Optic nerve involvement was defined clinically, leading to groups with optic neuritis (CIS ON) and without clinical optic neuritis (CIS NON), with some patients having both symptomatic and asymptomatic lesions.

“It is important to note that other causes of optic neuritis were excluded (including idiopathic optic neuritis and anti-aquaporin or anti–myelin oligodendrocyte glycoprotein antibodies),” Villoslada and colleagues noted. “Therefore, the patients included in this study had an optic neuritis (symptomatic and subclinical) that was typical of MS.”

In the CIS ON group, 3D-DIR showed a hypersignal in all 41 symptomatic optic nerves and in 11 asymptomatic optic nerves. In the CIS NON group, 3D-DIR showed a unilateral optic nerve hypersignal in 22 patients and a bilateral optic nerve hypersignal in 7 patients.

For detecting symptomatic and asymptomatic optic nerve lesions, GC-IPL IETD showed better results than peripapillary retinal nerve fiber layer IETD. There was no significant difference in intereye difference of low-contrast monocular visual acuity (LCMVA) in the group without optic neuritis.

“In this study, we confirmed the high frequency of asymptomatic optic nerve lesions and demonstrated that their detection during the CIS diagnosis workup would require lower IETD threshold than those enabling detection of symptomatic lesions,” Outteryck and co-authors noted. “We confirmed that ganglion cell-inner plexiform layer IETD seems more relevant than peripapillary retinal nerve fiber layer IETD for the detection of optic nerve lesions, symptomatic or asymptomatic. Finally, we showed that intereye difference on LCMVA was not an interesting biomarker for the detection of asymptomatic optic nerve lesions.”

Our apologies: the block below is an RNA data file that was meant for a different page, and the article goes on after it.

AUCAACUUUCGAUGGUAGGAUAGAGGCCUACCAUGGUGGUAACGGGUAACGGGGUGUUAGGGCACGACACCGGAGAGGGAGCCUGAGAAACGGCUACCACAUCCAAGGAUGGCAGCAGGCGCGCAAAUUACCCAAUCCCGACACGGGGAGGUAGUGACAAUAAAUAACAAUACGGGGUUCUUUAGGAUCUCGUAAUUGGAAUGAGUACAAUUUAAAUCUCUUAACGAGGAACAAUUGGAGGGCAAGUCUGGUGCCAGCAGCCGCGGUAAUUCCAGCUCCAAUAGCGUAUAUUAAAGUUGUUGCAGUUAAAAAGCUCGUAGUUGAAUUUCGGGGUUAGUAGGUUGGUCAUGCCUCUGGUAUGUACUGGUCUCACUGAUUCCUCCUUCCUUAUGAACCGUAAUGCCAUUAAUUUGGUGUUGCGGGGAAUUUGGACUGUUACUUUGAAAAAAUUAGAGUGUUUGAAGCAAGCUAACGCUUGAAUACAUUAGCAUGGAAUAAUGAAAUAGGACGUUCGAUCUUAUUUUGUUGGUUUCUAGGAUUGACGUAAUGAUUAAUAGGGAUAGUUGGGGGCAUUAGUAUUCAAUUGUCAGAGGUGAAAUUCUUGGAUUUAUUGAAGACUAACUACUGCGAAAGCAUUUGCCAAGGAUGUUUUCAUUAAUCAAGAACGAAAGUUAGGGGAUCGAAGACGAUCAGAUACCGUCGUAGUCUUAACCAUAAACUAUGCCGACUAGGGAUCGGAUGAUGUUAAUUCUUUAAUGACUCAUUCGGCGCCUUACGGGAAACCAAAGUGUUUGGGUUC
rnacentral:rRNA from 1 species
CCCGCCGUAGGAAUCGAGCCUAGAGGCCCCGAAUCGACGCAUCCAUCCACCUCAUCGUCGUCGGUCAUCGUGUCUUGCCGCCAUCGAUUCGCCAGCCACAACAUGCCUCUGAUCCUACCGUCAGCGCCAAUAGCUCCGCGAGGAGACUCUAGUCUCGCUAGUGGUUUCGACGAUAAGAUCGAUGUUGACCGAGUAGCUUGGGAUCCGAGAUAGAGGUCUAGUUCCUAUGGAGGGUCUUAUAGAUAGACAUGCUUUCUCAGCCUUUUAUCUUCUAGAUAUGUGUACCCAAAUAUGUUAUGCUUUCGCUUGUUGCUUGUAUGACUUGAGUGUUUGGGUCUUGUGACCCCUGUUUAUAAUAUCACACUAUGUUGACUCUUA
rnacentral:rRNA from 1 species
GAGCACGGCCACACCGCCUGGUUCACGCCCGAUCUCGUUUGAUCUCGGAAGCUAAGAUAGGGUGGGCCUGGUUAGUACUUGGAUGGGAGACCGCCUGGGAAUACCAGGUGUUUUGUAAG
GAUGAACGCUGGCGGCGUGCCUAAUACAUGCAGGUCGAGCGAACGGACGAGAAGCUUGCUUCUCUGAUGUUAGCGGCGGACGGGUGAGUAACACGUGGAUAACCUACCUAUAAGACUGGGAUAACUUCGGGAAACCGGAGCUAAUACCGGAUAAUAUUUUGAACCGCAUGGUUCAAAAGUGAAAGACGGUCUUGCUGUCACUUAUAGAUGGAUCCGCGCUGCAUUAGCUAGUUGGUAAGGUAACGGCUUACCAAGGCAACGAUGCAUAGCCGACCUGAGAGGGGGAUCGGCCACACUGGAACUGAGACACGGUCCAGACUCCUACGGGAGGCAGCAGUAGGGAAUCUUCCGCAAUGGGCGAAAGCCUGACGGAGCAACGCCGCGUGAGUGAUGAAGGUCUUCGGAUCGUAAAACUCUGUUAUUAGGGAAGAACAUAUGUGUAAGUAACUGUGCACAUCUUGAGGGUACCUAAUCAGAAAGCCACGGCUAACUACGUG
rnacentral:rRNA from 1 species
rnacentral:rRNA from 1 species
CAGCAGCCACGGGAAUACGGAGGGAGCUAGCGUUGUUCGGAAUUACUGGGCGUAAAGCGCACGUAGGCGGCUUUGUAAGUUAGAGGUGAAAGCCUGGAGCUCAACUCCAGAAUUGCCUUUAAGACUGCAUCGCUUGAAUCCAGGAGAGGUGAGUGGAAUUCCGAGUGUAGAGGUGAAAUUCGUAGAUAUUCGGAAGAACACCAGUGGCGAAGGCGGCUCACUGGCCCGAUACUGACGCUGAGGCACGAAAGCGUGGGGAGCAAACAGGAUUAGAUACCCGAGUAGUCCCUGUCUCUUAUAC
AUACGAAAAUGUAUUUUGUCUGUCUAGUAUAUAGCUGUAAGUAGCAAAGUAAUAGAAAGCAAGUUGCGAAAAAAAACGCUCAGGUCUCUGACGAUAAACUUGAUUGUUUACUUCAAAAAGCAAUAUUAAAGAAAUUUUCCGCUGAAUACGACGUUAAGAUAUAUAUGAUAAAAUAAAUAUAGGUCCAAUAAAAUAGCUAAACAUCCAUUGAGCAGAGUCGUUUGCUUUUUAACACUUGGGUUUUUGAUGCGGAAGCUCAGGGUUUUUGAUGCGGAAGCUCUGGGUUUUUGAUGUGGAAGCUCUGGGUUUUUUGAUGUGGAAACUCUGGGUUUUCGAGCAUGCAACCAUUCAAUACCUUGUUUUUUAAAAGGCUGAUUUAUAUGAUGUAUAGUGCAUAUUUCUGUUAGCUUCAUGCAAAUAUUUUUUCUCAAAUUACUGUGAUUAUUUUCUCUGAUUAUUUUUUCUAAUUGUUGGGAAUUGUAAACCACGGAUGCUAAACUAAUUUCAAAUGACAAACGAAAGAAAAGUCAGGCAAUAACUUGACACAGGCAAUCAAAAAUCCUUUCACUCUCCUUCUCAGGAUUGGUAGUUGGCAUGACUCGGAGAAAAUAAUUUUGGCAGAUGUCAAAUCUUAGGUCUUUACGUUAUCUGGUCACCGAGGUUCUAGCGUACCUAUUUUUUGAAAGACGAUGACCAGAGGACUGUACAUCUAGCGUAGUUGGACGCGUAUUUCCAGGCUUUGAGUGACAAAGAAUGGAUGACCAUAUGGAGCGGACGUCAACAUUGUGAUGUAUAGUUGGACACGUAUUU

Limitations of the study include use of one type of OCT device, which may restrict generalizability. The population in this study was restricted to patients with CIS. Prospective studies using OCT and optic nerve MRI may help confirm the findings and evaluate the value of including optic nerve in the next version of MS diagnostic criteria, the authors noted.

  1. Optical coherence tomography (OCT) was able to detect asymptomatic optic nerve lesions in clinically isolated syndrome (CIS) and may be an alternative biomarker to MRI, a cross-sectional study showed.

  2. This study provides Class I evidence that OCT accurately identifies asymptomatic optic nerve involvement in patients with CIS.

Paul Smyth, MD, Contributing Writer, BreakingMED™

This work was supported by Bayer and Novartis.

Outteryck reported no disclosures relevant to the manuscript.

Villoslada has stocks or stock options and has received consultancy fees from Bionure Farma SL, Health Engineering SL, Attune Neurosciences Inc, QMENTA Inc, CLight Inc, and NeuroPrex Inc.

Cat ID: 130

Topic ID: 82,130,730,130,36,192,925